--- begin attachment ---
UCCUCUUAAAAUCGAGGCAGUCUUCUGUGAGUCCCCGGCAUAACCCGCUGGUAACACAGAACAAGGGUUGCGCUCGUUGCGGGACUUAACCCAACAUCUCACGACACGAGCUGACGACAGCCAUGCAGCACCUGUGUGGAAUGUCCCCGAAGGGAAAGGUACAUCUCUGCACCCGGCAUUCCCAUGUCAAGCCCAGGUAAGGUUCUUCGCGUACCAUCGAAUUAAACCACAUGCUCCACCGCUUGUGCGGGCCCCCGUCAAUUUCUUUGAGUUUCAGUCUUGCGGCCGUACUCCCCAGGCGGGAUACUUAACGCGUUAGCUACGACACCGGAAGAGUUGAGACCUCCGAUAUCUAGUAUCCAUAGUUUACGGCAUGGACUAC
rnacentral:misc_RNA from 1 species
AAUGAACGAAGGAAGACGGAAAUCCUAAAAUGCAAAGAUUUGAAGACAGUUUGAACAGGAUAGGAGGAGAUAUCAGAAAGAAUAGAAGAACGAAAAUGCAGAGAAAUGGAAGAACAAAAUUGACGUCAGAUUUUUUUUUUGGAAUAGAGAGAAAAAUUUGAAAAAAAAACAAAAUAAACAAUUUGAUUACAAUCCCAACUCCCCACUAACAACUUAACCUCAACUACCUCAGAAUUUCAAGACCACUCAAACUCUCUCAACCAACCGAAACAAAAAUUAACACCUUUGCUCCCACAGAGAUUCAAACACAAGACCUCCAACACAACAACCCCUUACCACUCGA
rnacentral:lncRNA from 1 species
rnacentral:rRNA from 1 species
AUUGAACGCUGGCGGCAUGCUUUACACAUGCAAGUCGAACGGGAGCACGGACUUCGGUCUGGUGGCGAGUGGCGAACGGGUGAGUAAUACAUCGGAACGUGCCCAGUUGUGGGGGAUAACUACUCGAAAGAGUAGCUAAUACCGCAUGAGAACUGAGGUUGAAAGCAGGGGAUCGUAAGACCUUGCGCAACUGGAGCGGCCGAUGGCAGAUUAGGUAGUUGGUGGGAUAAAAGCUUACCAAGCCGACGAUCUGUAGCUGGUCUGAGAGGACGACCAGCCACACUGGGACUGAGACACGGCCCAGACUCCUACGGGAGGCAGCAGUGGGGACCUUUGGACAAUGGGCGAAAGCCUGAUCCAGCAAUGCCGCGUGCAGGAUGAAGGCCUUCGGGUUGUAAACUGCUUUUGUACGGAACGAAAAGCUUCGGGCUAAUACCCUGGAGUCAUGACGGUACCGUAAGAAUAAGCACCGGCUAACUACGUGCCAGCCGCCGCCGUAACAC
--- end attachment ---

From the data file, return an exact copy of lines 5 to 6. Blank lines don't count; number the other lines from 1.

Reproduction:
rnacentral:rRNA from 1 species
AUUGAACGCUGGCGGCAUGCUUUACACAUGCAAGUCGAACGGGAGCACGGACUUCGGUCUGGUGGCGAGUGGCGAACGGGUGAGUAAUACAUCGGAACGUGCCCAGUUGUGGGGGAUAACUACUCGAAAGAGUAGCUAAUACCGCAUGAGAACUGAGGUUGAAAGCAGGGGAUCGUAAGACCUUGCGCAACUGGAGCGGCCGAUGGCAGAUUAGGUAGUUGGUGGGAUAAAAGCUUACCAAGCCGACGAUCUGUAGCUGGUCUGAGAGGACGACCAGCCACACUGGGACUGAGACACGGCCCAGACUCCUACGGGAGGCAGCAGUGGGGACCUUUGGACAAUGGGCGAAAGCCUGAUCCAGCAAUGCCGCGUGCAGGAUGAAGGCCUUCGGGUUGUAAACUGCUUUUGUACGGAACGAAAAGCUUCGGGCUAAUACCCUGGAGUCAUGACGGUACCGUAAGAAUAAGCACCGGCUAACUACGUGCCAGCCGCCGCCGUAACAC